Infective Complications In Pd


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Dr Lawrence Hii

Published in: Health & Medicine
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Infective Complications In Pd

  2. 2. Contents <ul><li>Peritonitis </li></ul><ul><li>Exit site and tunnel infections </li></ul><ul><li>Prophylaxis </li></ul><ul><li>Catheter placement and removal </li></ul>
  3. 3. Peritonitis- Consequences <ul><li>Leads to technique failure, hospitalisation and death. </li></ul><ul><li>Association between peritonitis and death well documented (for every 0.5/yr increase in peritonitis rate, risk of death increase by 10%) </li></ul><ul><li>Most common cause of conversion to HD (Burkart et al PDI 1996) </li></ul>
  4. 4. Peritonitis-Clinical Presentation <ul><li>Abd. Pain, fever, cloudy effluent </li></ul><ul><li>Dialysate effluent: wbc >100/mm3, > 50% PMN </li></ul><ul><li>Consider even if PD fluid clear (small %) </li></ul><ul><li>Abd. Pain less with CoNS, more with Staph aureus, strept, G-ve rods </li></ul>
  5. 5. Peritonitis <ul><li>Common, past decade ~ 1 per 24 pt-treatment-months </li></ul><ul><li>Disconnect system reduce incidence </li></ul><ul><li>Organisms: G +ve </li></ul><ul><li>With disconnect, reduced G+ve, relatively increased G-ve </li></ul><ul><li>No single regimen most efficacious </li></ul>
  6. 6. Peritonitis <ul><li>Ultra twin bag significantly lower peritonitis rate (1 in 33.9 pt-month) than Y set (1 in 11.7 pt-month) Kiernan et al JASN 1995 </li></ul><ul><li>Mixed results in regards to APD vs CAPD </li></ul><ul><li>European APD Outcome Study: CAPD 1 in 22.5 pt-month, APD 1 in 29.1 pt-month </li></ul>
  7. 7. Differential Diagnosis of Cloudy Effluent <ul><li>Infectious peritonitis (culture positive or sterile) </li></ul><ul><li>Chemical peritonitis </li></ul><ul><li>Eosinophilia </li></ul><ul><li>Hemoperitoneum </li></ul><ul><li>Dry abdomen specimen (APD) </li></ul><ul><li>Malignancy, chylous (rare) </li></ul>
  8. 8. Eosinophilic Peritonitis <ul><li>> 10% cells eosinophils </li></ul><ul><li>Must be treated as bacterial peritonitis until proven otherwise </li></ul><ul><li>Fungal, viral, parasitic, icodextrin, chemical (IP Vancomycin), idiopathic/culture negative </li></ul>
  9. 9. Icodextrin Peritonitis <ul><li>Immediately or after several months of exposure </li></ul><ul><li>Mild abd pain, no systemic sx, cloudy effluent, sterile culture, predominance of monocytes/macrophages </li></ul><ul><li>Mechanism unclear, ? Peptidoglycan contamination </li></ul>
  10. 10. APD- Diagnosis <ul><li>Occ. initial drain cloudy, but mononuclear cells, no abd. pain, fluid rapidly clears on initiation of APD </li></ul><ul><li>Use % of PMN rather than absolute no. of cells to diagnose </li></ul><ul><li>No daytime dwell: 1L 1-2 hour dwell </li></ul><ul><li>Equivocal cases, sx with clear effluent: 2 nd exchange with at least 2 hours dwell </li></ul>
  11. 11. Peritonitis <ul><li>Enquire break in technique, recent ESI, last episode of peritonitis, constipation or diarrhoea </li></ul><ul><li>Examine : abdomen for tenderness, exit site and tunnel inspection (any discharge cultured) </li></ul><ul><li>Find root cause </li></ul><ul><li>If necessary, retraining </li></ul>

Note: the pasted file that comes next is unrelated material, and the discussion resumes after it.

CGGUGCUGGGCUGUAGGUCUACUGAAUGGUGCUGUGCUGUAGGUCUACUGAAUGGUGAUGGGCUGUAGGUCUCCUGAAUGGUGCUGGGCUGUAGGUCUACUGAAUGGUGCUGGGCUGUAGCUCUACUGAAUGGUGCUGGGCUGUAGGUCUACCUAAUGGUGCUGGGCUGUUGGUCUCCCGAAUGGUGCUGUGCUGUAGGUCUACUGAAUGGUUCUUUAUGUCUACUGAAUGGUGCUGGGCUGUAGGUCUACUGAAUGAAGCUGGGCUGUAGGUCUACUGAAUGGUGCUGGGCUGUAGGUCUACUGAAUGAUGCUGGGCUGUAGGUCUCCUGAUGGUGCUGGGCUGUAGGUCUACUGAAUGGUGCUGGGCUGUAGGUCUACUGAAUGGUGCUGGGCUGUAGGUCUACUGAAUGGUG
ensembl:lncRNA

12. 12. Specimen Processing <ul><li>Standard culture technique: directly inject effluent into blood culture bottles (culture negative 20%) </li></ul><ul><li>Culturing the sediment after centrifuging 50ml of effluent in standard blood culture and solid culture medium < 5% culture negative </li></ul><ul><li>Antibiotic removal technique </li></ul><ul><li>>75%, culture positive within 72 hours </li></ul>
  13. 13. EMPIRIC THERAPY <ul><li>Covers both G+ve and G-ve (not based on Gram stain , except if yeast seen) </li></ul><ul><li>Likelihood same with most recent infection </li></ul><ul><li>Frequent peritonitis: relapse </li></ul><ul><li>Exit site infection </li></ul><ul><li>Prompt home antimicrobial for pts residing far away from hospital </li></ul>
  14. 14. Empiric Therapy <ul><li>G+ve: cloxacillin, 1 st generation cephalosporin, Vancomycin </li></ul><ul><li>G-ve: ceftazidime, aminoglycoside, cefepime, carbrpenem (oral quinolones can be used if local sensitivities support such use) </li></ul>
  15. 15. Empiric Therapy <ul><li>Aminoglycoside: no evidence short courses harm RRF, repeated/prolonged not advisable ( opinion ), once daily as effective as continuous </li></ul><ul><li>Monotherapy: imipenem/cilastatin as effective as cefazolin + ceftazidime (PDI 2004), cefepime as good as Vanco + netilmicin (AJKD 2001) </li></ul>
  16. 16. Duration of Therapy <ul><li>No good trials to define the length </li></ul><ul><li>Minimum 2 weeks, more severe 3 weeks ( opinion ) </li></ul>
  17. 17. Treatment strategies for Enterococcus/Streptococcus <ul><li>Severe pain </li></ul><ul><li>Ampicillin preferred (evidence ), consider aminoglycosides for synergy. </li></ul><ul><li>Ampicillin resistant: Vancomyin </li></ul><ul><li>VRE: ampicillin if susceptible, otherwise linezolid, quinupristin/dalfopristin </li></ul>
  18. 18. Staphylococcus aureus <ul><li>Severe </li></ul><ul><li>Often due to catheter infection, then unlikely to resolve without catheter removal ( evidence ) </li></ul><ul><li>If poor response/MRSA, can add rifampicin 600mg /day for 1 week. </li></ul><ul><li>Vancomycin resistance reported: linezolid, daptomycin, quinupristin/dalfopristin </li></ul><ul><li>21 days </li></ul>